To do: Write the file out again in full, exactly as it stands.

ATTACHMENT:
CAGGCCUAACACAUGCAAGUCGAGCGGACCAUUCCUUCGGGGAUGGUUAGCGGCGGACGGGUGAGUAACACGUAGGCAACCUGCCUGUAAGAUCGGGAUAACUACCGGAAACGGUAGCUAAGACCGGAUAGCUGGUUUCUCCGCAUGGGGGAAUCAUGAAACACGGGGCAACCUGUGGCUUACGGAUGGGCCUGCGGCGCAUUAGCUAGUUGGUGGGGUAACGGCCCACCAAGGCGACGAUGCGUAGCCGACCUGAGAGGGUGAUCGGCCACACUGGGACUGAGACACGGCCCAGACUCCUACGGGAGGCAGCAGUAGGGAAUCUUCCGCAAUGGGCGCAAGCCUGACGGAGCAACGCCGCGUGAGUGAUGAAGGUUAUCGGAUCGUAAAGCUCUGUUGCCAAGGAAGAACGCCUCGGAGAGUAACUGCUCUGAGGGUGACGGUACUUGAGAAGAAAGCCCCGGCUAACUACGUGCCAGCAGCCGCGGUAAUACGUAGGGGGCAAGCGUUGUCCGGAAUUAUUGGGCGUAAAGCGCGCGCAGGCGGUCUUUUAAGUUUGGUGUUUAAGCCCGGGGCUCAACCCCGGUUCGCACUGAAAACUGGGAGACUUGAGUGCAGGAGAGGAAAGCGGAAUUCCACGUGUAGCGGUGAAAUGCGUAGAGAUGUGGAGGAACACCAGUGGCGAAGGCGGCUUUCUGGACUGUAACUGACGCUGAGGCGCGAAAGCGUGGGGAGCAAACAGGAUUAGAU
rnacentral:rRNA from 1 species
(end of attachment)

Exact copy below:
CAGGCCUAACACAUGCAAGUCGAGCGGACCAUUCCUUCGGGGAUGGUUAGCGGCGGACGGGUGAGUAACACGUAGGCAACCUGCCUGUAAGAUCGGGAUAACUACCGGAAACGGUAGCUAAGACCGGAUAGCUGGUUUCUCCGCAUGGGGGAAUCAUGAAACACGGGGCAACCUGUGGCUUACGGAUGGGCCUGCGGCGCAUUAGCUAGUUGGUGGGGUAACGGCCCACCAAGGCGACGAUGCGUAGCCGACCUGAGAGGGUGAUCGGCCACACUGGGACUGAGACACGGCCCAGACUCCUACGGGAGGCAGCAGUAGGGAAUCUUCCGCAAUGGGCGCAAGCCUGACGGAGCAACGCCGCGUGAGUGAUGAAGGUUAUCGGAUCGUAAAGCUCUGUUGCCAAGGAAGAACGCCUCGGAGAGUAACUGCUCUGAGGGUGACGGUACUUGAGAAGAAAGCCCCGGCUAACUACGUGCCAGCAGCCGCGGUAAUACGUAGGGGGCAAGCGUUGUCCGGAAUUAUUGGGCGUAAAGCGCGCGCAGGCGGUCUUUUAAGUUUGGUGUUUAAGCCCGGGGCUCAACCCCGGUUCGCACUGAAAACUGGGAGACUUGAGUGCAGGAGAGGAAAGCGGAAUUCCACGUGUAGCGGUGAAAUGCGUAGAGAUGUGGAGGAACACCAGUGGCGAAGGCGGCUUUCUGGACUGUAACUGACGCUGAGGCGCGAAAGCGUGGGGAGCAAACAGGAUUAGAU
rnacentral:rRNA from 1 species